We are, all of us, finely tuned complex beings. Every day in my clinical practice I am reminded of this fact. Individuals and their lives, and life solutions are never simple. Instead, each person carries within them a dense cast of internal characters and experiences which lend their voices and truths to lived experience, often determining outcome and choices. This personal theater of relationships to others and to the world is the very basis of our experience – and often that experience is housed, felt and thought about in different parts of our self, in self-states that have emerged (often out of awareness) to help us get on with the business of living.
Working with people who have suffered various types of traumatic experience, has highlighted for me the fact that there are often many selves, or self-states which hold different information about a person: different feelings, thoughts, experiences and memories. The degree of trauma is sometimes equivalent to the degree of psychic fragmentation and dissociation, but this is not always true. The fact is that our psyche is prone to dissociation in the service of maintaining healthy functioning and ongoing homeostasis. All of us dissociate to one degree or another in our daily lives despite our ongoing experience of being one self. And some times we rely more on one part of ourself than on others – because we need to. When trauma has touched one’s life it causes the dissociative properties of our psyche to become entrenched and take over, in order to prevent further destabilization, and this often means that self-experience becomes fragmented and held and managed by varying parts of the self.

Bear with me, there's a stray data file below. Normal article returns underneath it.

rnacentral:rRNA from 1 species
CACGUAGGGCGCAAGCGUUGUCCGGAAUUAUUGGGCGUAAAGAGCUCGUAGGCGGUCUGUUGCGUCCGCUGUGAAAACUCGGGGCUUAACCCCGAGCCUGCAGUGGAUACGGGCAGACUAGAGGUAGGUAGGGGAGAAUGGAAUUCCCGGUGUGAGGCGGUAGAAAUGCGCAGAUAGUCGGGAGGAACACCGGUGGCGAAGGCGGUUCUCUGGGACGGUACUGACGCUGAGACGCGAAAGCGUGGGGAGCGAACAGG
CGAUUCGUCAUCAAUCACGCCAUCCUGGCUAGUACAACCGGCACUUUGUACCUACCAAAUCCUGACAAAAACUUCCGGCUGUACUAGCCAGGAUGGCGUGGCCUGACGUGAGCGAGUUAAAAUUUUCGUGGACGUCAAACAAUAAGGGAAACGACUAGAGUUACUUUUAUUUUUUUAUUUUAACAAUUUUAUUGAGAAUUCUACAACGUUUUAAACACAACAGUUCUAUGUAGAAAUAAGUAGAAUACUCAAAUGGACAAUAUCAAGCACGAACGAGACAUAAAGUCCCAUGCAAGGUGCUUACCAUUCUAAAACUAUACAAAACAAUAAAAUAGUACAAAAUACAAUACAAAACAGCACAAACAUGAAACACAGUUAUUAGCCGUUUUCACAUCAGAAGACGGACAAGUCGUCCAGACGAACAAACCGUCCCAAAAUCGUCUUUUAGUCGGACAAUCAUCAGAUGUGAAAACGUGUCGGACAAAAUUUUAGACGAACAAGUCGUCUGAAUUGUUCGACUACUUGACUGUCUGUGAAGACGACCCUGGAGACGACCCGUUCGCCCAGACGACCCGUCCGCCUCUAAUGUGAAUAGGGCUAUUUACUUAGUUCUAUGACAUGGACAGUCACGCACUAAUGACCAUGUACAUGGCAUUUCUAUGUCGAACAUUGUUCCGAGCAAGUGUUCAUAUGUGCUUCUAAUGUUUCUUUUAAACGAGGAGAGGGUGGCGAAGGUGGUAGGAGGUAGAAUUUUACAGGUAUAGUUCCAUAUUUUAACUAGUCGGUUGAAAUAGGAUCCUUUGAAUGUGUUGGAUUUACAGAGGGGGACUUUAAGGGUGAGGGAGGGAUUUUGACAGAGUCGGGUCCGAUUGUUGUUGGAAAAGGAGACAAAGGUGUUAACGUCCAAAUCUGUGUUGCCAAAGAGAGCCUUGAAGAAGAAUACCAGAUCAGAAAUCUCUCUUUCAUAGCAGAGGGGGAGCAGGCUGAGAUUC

This post is about personal marketing, about the packaging of the self and the make up of a persona who can navigate the demands of the world while protecting the truth(s) of the rest of the self, and its psychic unity and survival. This type of “packaging” is known to all survivors of trauma (regardless of the type of trauma) and usually presents a particular and personally created incarnation that is based on strength, competence and total self-reliance. The trouble is that such packaging usually comes about as the result of environmental impingement on the self. It materializes as a palpable self to help navigate difficulties and prevent further psychic disruption and destabilization while managing life’s demands. Such packaging creates a “false self” that is adept at doing what is needed while maintaining crucial emotional ties and bonds to loved ones and protecting the “true(er) self” that has been injured, trespassed and/or traumatized. Quite a complicated state of affairs.